Currently accepted at: JMIR Serious Games
Date Submitted: Feb 14, 2018
Open Peer Review Period: Feb 15, 2018 - Apr 19, 2018
Date Accepted: Jul 12, 2018
(closed for review but you can still tweet)
Active video games for rehabilitation in respiratory conditions: a systematic review and meta-analysis
Exercise and physical activity are key components of treatment for chronic respiratory diseases. However, physical activity levels and adherence to exercise programs is low in people with these diseases. Active video games (AVG) may provide a more engaging alternative to traditional forms of exercise.
This review examines the effectiveness of game-based interventions on physiological outcome measures, as well as adherence and enjoyment, in subjects with chronic respiratory diseases.
A systematic search of the literature was conducted, with full-texts and abstracts included where they involved an AVG intervention for participants diagnosed with respiratory conditions. A narrative synthesis of included studies was performed. In addition, meta-analysis comparing AVGs to traditional exercise was undertaken for four outcome measures: mean heart rate (HR) during exercise, peripheral blood oxygen saturation (SpO2) during exercise, dyspnoea induced by the exercise and enjoyment of the exercise.
A total of 13 full-text articles corresponding to 12 studies were included in the review. Interventions predominantly used games released for the Nintendo WiiTM (eight studies) and Microsoft Xbox KinectTM (three studies). Trials conducted over more than one session varied in duration between 3 and 12 weeks. In these, AVG interventions were associated with either similar or slightly greater improvements in outcomes such as exercise capacity when compared a traditional exercise control and also generally demonstrated improvements over baseline or non-intervention comparators. There were few studies of unsupervised AVG interventions, but these reported adherence was high and maintained throughout the intervention period. In addition, AVGs were generally reported to be well-liked and considered feasible by participants. For outcome measures measured during a single exercise session, there was no significant difference between AVGs and traditional exercise for HR (mean difference=1.44 beats per minute, 95% CI (confidence interval) [-14.31, 17.18]), SpO2 (mean difference=1.12 percentage points, 95% CI [-1.91, 4.16]) and dyspnoea (mean difference=0.43 Borg units, 95% CI [-0.79, 1.66]), but AVGs were significantly more enjoyable than traditional exercise (standardised mean difference=1.36, (95% CI [0.04, 2.68]).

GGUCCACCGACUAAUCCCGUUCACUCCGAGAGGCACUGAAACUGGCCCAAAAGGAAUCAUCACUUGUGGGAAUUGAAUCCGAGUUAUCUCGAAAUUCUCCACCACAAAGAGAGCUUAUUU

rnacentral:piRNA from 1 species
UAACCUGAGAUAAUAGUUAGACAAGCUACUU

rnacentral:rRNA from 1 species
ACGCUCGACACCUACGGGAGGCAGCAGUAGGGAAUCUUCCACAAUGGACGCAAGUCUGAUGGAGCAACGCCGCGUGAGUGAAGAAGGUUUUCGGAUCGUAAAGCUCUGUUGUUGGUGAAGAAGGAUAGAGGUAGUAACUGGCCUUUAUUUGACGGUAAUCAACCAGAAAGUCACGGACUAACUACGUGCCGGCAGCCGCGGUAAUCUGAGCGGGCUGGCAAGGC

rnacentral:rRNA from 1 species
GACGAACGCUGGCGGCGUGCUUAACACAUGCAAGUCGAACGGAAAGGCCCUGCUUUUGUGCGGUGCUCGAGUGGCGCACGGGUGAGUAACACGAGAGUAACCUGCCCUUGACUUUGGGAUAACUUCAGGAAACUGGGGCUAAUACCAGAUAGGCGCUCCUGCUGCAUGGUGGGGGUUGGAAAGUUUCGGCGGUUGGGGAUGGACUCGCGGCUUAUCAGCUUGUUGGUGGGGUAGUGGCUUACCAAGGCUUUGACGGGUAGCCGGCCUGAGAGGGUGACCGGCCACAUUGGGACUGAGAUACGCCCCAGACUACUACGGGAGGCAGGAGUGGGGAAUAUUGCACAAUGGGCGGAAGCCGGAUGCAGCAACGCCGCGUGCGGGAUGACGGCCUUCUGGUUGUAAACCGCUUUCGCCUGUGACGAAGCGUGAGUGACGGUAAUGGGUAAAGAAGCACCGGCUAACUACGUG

This review provides evidence that AVG interventions, undertaken for several weeks, can provide similar or greater improvements in exercise capacity and other outcomes as traditional exercise. Within a single session of cardiovascular exercise, AVGs can evoke similar physiological responses as traditional exercise modalities but are more enjoyable to subjects with chronic respiratory diseases. However, there is very limited evidence for adherence and effectiveness in long-term unsupervised trials, which should be the focus of future research.
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